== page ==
Your dream is nonstop travel; your spouse wants to stay put. You’d like to quit now; she’s not ready. Learn about eight retirement issues that can cause a rift, and how to get on the same page.
Thirty-four percent of retiring couples disagree about where or whether to move.
According to a 2013 Hearts & Wallets survey, deciding where to settle down in retirement is one of the biggest areas of disconnect between couples. “Typically the question of where to live is wrapped up in bigger issues like the partners’ connection to the community and obligations to other family members,” says Catherine Frank, executive director of the Osher Lifelong Learning Institute in Asheville, N.C.
Can’t agree on a location? Start with a compromise: a season or two renting in the area that one of you dreams of. If the rental works out, you might buy a second home, assuming you can truly afford it.
Expect to pay about 1% of the home’s cost annually for maintenance, on top of insurance, utilities, and any homeowners association fees. And don’t forget to factor in the cost of transportation to and from the new property.
Many employees suspect they’ll be happier if they don’t quit work cold-turkey, but few end up actually taking part-time jobs.
In fact, only one-quarter of people ever work for pay in retirement, according to the Employee Benefit Research Institute. The benefit of downshifting to a part-time job you enjoy, however, is far greater than the extra spending money.
Studying several hundred college professors who cut down their hours upon retiring but didn’t completely quit, researchers found that the greater the involvement in part-time work, the more likely the professors were satisfied with both their retirement and life in general.
While you may like staying in the game, be aware that you’ll increase strife on the home front if you use your workload as an excuse to avoid taking out the garbage and picking up food at the grocery store. A separate study of retired physicians — 95% of them male — found that the increased time that the doctors spent on household chores in retirement was significantly associated with wives’ life satisfaction. Sometimes love is just about making dinner — and doing the dishes.
Health dips for both men and women in the first years of retirement, according to a study by University of Missouri sociology professor Angela Curl. The likely culprit: a decline in social connections and physical activity.
You don’t need drastic measures to stay healthy. A daily 45-minute walk can improve your blood pressure and blood sugar levels, according to recent studies. Researchers have also found that you’ll be more likely to stick with the program if you’re paired with a buddy — say, the one you’re married to.
Spouses often end up splitting household responsibilities, but that can create big problems with money in retirement years. Only 43% of husbands, for example, are confident their wives can manage the family finances.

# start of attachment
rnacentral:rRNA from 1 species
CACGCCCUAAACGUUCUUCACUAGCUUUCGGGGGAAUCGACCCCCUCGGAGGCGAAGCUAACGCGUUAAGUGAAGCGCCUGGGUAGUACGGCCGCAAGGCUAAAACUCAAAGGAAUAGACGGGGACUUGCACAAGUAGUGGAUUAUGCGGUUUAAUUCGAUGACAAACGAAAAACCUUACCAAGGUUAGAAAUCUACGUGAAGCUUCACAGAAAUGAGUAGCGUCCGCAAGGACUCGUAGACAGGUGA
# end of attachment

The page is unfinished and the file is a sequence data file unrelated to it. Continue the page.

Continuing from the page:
Women share this lack of confidence, according to a 2013 Fidelity survey — a big problem, since they will likely outlive their husbands.
“Men have tried to shelter women from those details,” says Boca Raton, Fla., planner Mari Adam. “But that ends up as a huge disservice.” Along with mundane details like account numbers and passwords, both of you should know all about your investments, savings, and insurance policies.
How happy you are in retirement might depend on whether you and your partner stop working at the same time.
University of Minnesota professor Phyllis Moen found that newly retired men were least satisfied when their wives kept working; wives with newly retired husbands also reported lower levels of marital satisfaction than those in two-income or two-retiree marriages.
Fewer couples nowadays — especially those with multiyear age gaps — are willing or able to sync retirement. Many boomer women who temporarily exited the workforce when their kids were young are nearing their career peak, says Miriam Goodman, author of Too Much Togetherness: Surviving Retirement as a Couple — just as their husbands are ready to taper off.
To get the timing right in your household, analyze the costs and benefits for each of you of staying in the workforce. Is one of you just shy of a pension? How big could your Social Security checks grow? Weigh those benefits against each spouse’s desire to retire.
If you decide one of you should go first, start planning how the retired spouse will be occupied and what you’ll be doing together. “When one partner feels abandoned, that’s when resentment builds,” says Goodman. And take heart: Moen found that marital satisfaction rebounded a few years after both partners retired.